UPDATED: Nelson bottle on the block

A leather-covered bottle discovered recently during a clean out of the St. Saviour’s Church hall is up for grabs on eBay.

This bottle is being sold as a fundraiser for Nelson's Anglican Church.

This bottle is being sold as a fundraiser for Nelson's Anglican Church.

A leather-covered bottle discovered recently during a clean out of the St. Saviour’s Church hall in Nelson is up for grabs on eBay.

Historian and church member Greg Scott says it was “just one of those things, a curiosity that seemed was always around.”

Neither the local museum nor Kootenay Diocese archives in Kelowna wants it, so it’s being sold online, with the money to be put toward restoration of the church.

The bottle is 23.5 centimetres tall and is covered in brown leather that’s cracked on the bottom. The glass is green.

A handwritten tag reads: “Brought from Old Calabar by the Rev. Geo Faulds ca. 1890. Given me by Geo. F. Stirling, Victoria, B.C. Centre of bottle was originally covered with antelope skin. JRT.”

Old Calabar was a legendary port in Nigeria. The Scottish Missionary Society was active thereand in Victoria after 1861.

While no one has been able to find any record of Rev. George Faulds, a Rev. H. Faulds was one of the fathers of fingerprinting.

George Faulds Stirling (1877-1966) ran unsuccessfully for the Canadian Labour Party in the Kaslo-Slocan riding in the BC provincial election of 1924 but later won a by-election in Salmon Arm. He died in Victoria. It’s unclear how he was related to Rev. George Faulds, nor is it clear who JRT was.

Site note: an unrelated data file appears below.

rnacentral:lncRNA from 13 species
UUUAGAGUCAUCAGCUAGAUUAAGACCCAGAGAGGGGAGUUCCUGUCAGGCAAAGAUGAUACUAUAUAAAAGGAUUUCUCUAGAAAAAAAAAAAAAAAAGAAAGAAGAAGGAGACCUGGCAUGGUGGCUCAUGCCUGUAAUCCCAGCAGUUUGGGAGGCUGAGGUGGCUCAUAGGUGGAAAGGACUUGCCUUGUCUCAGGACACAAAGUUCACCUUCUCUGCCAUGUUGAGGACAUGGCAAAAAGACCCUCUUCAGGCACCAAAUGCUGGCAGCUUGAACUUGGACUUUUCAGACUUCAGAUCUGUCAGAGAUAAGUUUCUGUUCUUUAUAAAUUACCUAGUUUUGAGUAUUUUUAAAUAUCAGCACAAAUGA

The bottle is now for sale with a starting bid of $50.

UPDATE

Since this story first appeared, Ron Fraser of Nelson told us how this bottle ended up with the church.

In 1965, while living in Grand Forks and working as a lineman on the railway, he collected bottles from old camps along the tracks.

“A neighbour of ours said his girlfriend had an old bottle,” he says. “Her name was Johnson and she was a teacher in Grand Forks. She gave it to me.”

However, the bottle in question — the one now up for sale — wasn’t the sort Fraser collected, so he gave it to the church in 1975 or ‘76 after moving to Nelson.

He believes the woman got the bottle through her family, but doesn’t know where she was originally from.

This story appears in today’s edition of the West Kootenay Advertiser.

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